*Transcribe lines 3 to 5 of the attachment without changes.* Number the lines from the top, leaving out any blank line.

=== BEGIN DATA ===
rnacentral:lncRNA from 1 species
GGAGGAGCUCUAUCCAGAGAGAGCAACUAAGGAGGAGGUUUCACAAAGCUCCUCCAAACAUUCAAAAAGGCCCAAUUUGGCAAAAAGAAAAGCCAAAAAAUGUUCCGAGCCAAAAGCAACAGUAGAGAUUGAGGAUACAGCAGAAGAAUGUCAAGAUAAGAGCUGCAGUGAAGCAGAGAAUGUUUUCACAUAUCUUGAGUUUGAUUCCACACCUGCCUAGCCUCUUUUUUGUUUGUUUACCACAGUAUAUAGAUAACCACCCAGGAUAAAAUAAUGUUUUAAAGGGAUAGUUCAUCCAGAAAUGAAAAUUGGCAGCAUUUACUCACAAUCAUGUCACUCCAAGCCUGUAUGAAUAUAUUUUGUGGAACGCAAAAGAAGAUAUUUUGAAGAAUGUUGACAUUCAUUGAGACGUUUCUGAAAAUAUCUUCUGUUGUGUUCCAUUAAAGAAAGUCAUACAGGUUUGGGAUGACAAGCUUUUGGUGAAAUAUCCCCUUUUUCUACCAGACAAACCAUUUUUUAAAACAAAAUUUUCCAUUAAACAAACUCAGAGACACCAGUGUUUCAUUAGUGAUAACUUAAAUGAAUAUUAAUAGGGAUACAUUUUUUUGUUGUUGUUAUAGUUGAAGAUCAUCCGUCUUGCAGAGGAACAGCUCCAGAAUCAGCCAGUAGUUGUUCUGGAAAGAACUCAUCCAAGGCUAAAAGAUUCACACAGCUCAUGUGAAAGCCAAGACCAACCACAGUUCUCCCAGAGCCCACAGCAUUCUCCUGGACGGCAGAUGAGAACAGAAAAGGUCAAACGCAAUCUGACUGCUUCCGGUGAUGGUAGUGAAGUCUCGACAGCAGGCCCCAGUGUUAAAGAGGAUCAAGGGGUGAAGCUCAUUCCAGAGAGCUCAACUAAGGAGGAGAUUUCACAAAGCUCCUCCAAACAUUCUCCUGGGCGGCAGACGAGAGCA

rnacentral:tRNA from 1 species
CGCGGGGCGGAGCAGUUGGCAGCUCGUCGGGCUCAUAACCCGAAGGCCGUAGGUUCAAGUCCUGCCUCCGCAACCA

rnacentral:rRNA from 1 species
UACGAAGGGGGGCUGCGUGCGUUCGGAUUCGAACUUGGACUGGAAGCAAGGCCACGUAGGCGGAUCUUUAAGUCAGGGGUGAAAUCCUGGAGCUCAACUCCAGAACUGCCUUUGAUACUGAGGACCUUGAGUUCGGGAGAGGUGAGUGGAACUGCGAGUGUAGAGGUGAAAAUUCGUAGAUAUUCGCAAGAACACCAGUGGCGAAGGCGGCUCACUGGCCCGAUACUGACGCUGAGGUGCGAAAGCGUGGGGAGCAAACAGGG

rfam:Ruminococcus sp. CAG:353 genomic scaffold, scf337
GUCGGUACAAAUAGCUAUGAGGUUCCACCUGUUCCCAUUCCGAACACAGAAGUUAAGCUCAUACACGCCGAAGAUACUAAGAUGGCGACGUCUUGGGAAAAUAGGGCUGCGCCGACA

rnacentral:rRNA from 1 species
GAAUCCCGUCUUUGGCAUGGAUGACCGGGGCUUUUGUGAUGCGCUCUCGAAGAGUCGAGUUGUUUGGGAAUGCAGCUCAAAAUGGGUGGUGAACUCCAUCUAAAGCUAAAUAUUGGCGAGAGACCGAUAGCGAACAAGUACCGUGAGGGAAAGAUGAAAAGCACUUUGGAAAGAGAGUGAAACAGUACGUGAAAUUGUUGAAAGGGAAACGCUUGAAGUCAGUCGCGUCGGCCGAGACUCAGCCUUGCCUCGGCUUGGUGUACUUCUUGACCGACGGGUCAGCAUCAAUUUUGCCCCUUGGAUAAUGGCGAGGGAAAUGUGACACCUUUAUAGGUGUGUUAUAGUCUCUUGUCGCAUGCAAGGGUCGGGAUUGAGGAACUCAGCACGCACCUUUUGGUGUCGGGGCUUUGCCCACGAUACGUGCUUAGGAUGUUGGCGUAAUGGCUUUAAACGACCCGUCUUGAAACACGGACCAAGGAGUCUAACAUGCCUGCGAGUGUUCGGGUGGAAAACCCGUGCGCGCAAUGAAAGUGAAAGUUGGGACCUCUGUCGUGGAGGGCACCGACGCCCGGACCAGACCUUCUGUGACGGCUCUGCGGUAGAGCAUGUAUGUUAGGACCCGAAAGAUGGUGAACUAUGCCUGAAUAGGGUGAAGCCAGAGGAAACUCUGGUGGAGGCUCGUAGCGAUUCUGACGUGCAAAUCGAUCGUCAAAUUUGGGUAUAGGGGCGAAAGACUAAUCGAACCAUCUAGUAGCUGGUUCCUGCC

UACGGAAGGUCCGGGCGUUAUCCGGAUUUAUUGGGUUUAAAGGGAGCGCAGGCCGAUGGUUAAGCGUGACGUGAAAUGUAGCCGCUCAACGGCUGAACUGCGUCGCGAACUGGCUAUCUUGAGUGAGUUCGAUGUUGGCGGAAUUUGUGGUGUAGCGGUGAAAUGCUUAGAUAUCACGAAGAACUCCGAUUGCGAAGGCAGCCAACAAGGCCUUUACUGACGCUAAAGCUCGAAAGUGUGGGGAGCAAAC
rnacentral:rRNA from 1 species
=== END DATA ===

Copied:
rnacentral:tRNA from 1 species
CGCGGGGCGGAGCAGUUGGCAGCUCGUCGGGCUCAUAACCCGAAGGCCGUAGGUUCAAGUCCUGCCUCCGCAACCA

rnacentral:rRNA from 1 species